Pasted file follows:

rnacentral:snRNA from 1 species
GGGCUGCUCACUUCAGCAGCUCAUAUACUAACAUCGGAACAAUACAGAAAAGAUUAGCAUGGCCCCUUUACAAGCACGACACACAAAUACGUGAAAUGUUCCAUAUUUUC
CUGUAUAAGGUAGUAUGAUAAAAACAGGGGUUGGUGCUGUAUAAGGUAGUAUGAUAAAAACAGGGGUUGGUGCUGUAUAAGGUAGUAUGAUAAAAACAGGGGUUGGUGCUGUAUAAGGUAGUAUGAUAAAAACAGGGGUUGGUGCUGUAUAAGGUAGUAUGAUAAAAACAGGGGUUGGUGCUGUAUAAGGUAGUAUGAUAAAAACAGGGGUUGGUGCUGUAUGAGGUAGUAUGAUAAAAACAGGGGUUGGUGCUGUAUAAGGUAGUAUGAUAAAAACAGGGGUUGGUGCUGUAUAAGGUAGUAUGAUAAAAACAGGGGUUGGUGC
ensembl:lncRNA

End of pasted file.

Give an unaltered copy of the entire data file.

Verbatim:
rnacentral:snRNA from 1 species
GGGCUGCUCACUUCAGCAGCUCAUAUACUAACAUCGGAACAAUACAGAAAAGAUUAGCAUGGCCCCUUUACAAGCACGACACACAAAUACGUGAAAUGUUCCAUAUUUUC
CUGUAUAAGGUAGUAUGAUAAAAACAGGGGUUGGUGCUGUAUAAGGUAGUAUGAUAAAAACAGGGGUUGGUGCUGUAUAAGGUAGUAUGAUAAAAACAGGGGUUGGUGCUGUAUAAGGUAGUAUGAUAAAAACAGGGGUUGGUGCUGUAUAAGGUAGUAUGAUAAAAACAGGGGUUGGUGCUGUAUAAGGUAGUAUGAUAAAAACAGGGGUUGGUGCUGUAUGAGGUAGUAUGAUAAAAACAGGGGUUGGUGCUGUAUAAGGUAGUAUGAUAAAAACAGGGGUUGGUGCUGUAUAAGGUAGUAUGAUAAAAACAGGGGUUGGUGC
ensembl:lncRNA